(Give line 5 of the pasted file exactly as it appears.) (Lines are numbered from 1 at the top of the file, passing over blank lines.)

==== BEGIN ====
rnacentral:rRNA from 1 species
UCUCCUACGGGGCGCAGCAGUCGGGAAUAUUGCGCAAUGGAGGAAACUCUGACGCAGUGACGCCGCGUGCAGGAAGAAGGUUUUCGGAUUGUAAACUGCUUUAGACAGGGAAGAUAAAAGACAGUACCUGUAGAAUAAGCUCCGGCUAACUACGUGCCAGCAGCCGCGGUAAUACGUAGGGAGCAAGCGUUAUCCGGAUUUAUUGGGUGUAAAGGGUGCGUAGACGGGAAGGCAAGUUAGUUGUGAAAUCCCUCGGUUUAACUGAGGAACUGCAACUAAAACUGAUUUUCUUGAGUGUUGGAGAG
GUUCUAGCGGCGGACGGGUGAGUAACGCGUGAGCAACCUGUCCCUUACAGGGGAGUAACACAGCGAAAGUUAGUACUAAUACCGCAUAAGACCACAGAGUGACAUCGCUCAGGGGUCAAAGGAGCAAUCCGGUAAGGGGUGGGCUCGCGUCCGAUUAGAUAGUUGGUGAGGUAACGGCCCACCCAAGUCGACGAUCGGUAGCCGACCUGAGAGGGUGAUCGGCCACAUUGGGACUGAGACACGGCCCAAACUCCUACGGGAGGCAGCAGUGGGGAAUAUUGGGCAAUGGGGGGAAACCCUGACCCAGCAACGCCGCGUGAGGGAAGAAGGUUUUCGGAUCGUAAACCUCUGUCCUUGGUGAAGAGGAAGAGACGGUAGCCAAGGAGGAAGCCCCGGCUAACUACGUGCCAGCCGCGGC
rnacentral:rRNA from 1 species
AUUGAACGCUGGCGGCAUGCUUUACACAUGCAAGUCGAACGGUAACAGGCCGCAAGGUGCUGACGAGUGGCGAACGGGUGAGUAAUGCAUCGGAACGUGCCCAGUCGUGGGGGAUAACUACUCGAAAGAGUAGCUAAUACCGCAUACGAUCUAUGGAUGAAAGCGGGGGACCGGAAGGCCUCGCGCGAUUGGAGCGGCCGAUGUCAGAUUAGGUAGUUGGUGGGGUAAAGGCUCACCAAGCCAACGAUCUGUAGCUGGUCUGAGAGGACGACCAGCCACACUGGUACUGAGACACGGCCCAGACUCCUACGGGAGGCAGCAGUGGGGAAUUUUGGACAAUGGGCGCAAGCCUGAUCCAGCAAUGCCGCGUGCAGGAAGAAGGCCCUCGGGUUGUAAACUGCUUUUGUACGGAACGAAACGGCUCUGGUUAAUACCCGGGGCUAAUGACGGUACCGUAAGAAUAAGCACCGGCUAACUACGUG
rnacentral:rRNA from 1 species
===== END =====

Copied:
AUUGAACGCUGGCGGCAUGCUUUACACAUGCAAGUCGAACGGUAACAGGCCGCAAGGUGCUGACGAGUGGCGAACGGGUGAGUAAUGCAUCGGAACGUGCCCAGUCGUGGGGGAUAACUACUCGAAAGAGUAGCUAAUACCGCAUACGAUCUAUGGAUGAAAGCGGGGGACCGGAAGGCCUCGCGCGAUUGGAGCGGCCGAUGUCAGAUUAGGUAGUUGGUGGGGUAAAGGCUCACCAAGCCAACGAUCUGUAGCUGGUCUGAGAGGACGACCAGCCACACUGGUACUGAGACACGGCCCAGACUCCUACGGGAGGCAGCAGUGGGGAAUUUUGGACAAUGGGCGCAAGCCUGAUCCAGCAAUGCCGCGUGCAGGAAGAAGGCCCUCGGGUUGUAAACUGCUUUUGUACGGAACGAAACGGCUCUGGUUAAUACCCGGGGCUAAUGACGGUACCGUAAGAAUAAGCACCGGCUAACUACGUG